This is what an Afghani kid will do to get first dibs on a candy bar. (**See note below)


The catalogs have started to come. They don’t yet say “Holiday” or “Christmas” but you know that’s what they’re gearing up for. While I welcome yet another sign that the end of the year, and the end of my purgatory, are approaching, catalogs do not make me happy. The vast majority of these thick, glossy advertisements get put immediately into the recycle bucket. I have learned that I won’t care what I’m missing if I don’t see it. My children are not so wise, though. They have been snatching up the toy catalogs and poring through them as though the ultimate source of happiness could be found therein.

I’ve been hearing a lot of “I want.”

Today, having sat through another child showing me all the wonderful things that would make her the perfect, dutiful and loving child simply because her happiness at having all this stuff would make her thus, I called the children around and told them about the Afghani boy. I told them they needed to start thinking about what they could do for other people for Christmas instead of what they could get for themselves. And I told them to think of ONE, and only ONE thing they they really wanted for Christmas. And tell me in November.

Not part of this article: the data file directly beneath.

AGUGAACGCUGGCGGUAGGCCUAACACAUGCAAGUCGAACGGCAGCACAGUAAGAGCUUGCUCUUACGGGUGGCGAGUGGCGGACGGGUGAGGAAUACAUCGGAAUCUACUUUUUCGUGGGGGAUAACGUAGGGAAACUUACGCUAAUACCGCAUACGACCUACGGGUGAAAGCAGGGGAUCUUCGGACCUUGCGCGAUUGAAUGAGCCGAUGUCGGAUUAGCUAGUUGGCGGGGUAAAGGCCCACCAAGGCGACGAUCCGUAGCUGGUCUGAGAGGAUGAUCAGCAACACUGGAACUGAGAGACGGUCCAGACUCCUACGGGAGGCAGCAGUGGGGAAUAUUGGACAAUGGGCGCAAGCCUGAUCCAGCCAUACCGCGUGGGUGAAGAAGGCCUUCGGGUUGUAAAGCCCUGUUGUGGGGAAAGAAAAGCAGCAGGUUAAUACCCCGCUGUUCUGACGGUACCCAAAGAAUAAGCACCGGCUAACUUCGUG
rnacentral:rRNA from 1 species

I’m sure this isn’t the end of it.


My daughters were fascinated by the Yorkshire Terrier in the dog stroller. I think this was their first encounter with someone who treats a dog like a baby. As we left the Scout Hut, the woman who owned the dog told me she gave a stuffed animal terrier to Katie – her adolescent daughter having outgrown it. Katie was, of course, thrilled.

Later, Jenny was crying because Katie wouldn’t share the dog. “She promised,” Jenny wailed. Katie denied making any such promises.

“Katie,” I said, “You didn’t earn this dog. Somebody just gave it to you out of the generosity of their heart. Don’t you think you ought to share it and be just as generous as they were?”

“Well, Mom,” she said with angelic sincerity, “I was thinking we could send this dog to Afghanistan for the children there to have.”